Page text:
WELL Summit 2023: Lessons From Canada’s Truth and Reconciliation Process: Centering and Celebrating Indigenous Wisdom
The wounds of history can be healed if we apply social innovation, resilience and strong community connection.
This was the theme that underscored our final WELL Summit 2023 MainStage session. “Lessons from Canada’s Truth and Reconciliation Process: Centering and Celebrating Indigenous Wisdom” began with powerful stories from each panelist as well as land acknowledgements that recognized those that came before us, the contributions they made and their relationship with the land we occupy today.
These opening remarks were followed by an intimate conversation among Davina Rooney, CEO of the Green Building Council of Australia; Victoria Grant, chair of the Counseling Foundation of Canada; and Diane Roussin, project director of The Winnipeg Boldness Project. Grant is of the Loon Clan, Teme-Augama Anishnabai, and a member of the Temagami First Nation. Roussin is an Anishinaabe community leader and a proud member of the Skownan First Nation in Agowidiiwinan Treaty 2 Territory.
The engagement with each other and the audience exemplified a teaching Grant shared from her grandfather: when you walk in a room and engage with people, you take a little of each of the people there with you.
“We are the sum of our experiences and the people who have walked with us through life,” Grant explained, adding, “We live in a world that has been made much smaller as a result of transportation, technology and communication. We all have much more diversity within our communities and in our countries. We need to understand that diversity is natural. It’s not something that needs to be overcome.”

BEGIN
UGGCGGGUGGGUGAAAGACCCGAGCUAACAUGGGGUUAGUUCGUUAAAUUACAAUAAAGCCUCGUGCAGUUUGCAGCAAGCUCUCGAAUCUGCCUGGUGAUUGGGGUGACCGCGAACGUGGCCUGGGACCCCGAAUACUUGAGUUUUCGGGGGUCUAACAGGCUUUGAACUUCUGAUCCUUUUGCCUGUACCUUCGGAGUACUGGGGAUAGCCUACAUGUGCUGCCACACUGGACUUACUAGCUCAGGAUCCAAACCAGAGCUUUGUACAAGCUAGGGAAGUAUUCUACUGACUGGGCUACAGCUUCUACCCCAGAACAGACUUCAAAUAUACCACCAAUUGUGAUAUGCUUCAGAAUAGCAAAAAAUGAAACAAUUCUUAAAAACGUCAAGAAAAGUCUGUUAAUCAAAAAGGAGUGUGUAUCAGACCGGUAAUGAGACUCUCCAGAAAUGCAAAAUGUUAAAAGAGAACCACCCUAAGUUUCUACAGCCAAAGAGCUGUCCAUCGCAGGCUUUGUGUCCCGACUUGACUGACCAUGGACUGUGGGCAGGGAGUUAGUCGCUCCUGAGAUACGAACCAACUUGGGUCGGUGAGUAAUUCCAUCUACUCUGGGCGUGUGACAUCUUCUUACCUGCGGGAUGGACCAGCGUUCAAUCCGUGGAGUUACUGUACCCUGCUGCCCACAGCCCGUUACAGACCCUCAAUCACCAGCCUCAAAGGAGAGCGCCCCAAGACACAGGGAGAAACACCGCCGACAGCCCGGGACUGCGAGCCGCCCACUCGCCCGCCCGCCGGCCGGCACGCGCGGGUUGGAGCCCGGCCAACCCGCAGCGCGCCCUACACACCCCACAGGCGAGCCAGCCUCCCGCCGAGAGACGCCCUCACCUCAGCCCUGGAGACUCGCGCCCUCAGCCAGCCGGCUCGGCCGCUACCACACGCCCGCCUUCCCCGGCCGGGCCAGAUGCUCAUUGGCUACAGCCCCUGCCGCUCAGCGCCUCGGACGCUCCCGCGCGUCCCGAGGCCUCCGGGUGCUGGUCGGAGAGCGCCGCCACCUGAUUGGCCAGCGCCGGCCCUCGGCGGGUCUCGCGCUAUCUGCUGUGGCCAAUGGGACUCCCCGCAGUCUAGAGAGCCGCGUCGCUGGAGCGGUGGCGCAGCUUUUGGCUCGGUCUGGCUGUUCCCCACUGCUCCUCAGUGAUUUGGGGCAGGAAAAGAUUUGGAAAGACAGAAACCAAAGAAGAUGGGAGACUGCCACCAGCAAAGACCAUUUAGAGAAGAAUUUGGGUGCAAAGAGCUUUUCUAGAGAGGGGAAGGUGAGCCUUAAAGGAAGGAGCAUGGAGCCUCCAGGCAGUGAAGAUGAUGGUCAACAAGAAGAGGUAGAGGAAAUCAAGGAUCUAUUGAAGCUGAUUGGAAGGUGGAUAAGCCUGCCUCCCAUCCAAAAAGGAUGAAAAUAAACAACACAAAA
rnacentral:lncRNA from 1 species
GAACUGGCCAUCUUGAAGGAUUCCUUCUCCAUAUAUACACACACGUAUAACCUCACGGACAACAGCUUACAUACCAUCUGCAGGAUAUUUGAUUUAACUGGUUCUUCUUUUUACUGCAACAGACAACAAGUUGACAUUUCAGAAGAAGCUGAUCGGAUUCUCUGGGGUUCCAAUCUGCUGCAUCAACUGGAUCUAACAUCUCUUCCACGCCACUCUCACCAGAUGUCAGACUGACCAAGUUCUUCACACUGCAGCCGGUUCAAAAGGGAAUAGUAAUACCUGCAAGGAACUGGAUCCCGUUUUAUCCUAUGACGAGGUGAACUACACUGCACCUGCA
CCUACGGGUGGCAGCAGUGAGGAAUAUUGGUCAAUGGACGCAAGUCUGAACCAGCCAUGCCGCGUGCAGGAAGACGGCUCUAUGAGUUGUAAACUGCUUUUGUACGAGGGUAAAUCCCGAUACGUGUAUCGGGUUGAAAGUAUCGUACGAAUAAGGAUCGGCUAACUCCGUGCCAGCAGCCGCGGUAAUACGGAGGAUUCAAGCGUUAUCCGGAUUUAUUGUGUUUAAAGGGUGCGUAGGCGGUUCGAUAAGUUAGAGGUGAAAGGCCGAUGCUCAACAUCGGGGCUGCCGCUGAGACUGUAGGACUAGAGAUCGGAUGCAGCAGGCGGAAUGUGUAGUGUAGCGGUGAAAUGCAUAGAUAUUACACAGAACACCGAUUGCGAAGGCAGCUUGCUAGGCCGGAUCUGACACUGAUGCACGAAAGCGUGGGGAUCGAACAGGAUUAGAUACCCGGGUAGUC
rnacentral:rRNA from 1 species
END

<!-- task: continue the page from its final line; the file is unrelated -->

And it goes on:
Truth and reconciliation
The panelists’ presentations and conversation shined a light on the systemic racism that has profoundly impacted the lives of Indigenous peoples and the importance of truth and reconciliation.
As Rooney observed in facilitating the discussion, it’s important to pause and acknowledge – to sit in the truth for a bit first -- because “If you’re not uncomfortable, you’re not listening.”
Another key to reconciliation is education. “The history of Canada and the history before there was a Canada is not being taught in our classrooms. So the idea that there were Indigenous people living on the land with sophisticated systems (political, economic, health and more) is not taught in our schools,” Roussin shared.
This omission contributes to the racism faced by Indigenous peoples and fails to leverage wisdom that can be essential in tackling environmental and social challenges around the world.
Centering and celebrating indigenous wisdom
Acknowledging that successful efforts require systemic changes and a cross-sector approach, Roussin reflected on the value of her culture’s clan system teachings about collaboration. Clans are made up of a lot of different people, but everyone has a role. Every voice is needed at the table, and you have to understand your role and responsibility to make a difference.
These indigenous principles and those of strong community connection and people’s relationship with animals, water, trees and other people stand to have a positive impact on the world.
“We call these relations and our culture strives to live in a good, balanced, reciprocal relationship with them,” Roussin indicated. “We literally talk about Earth as our mother. And so I hope if you have a motherly figure in your life, you're not thinking about extracting every ounce of value you can out of that mother and that you don't care how she's doing.”
For more information about the WELL Summit, please visit https://www.wellcertified.com/well-summit.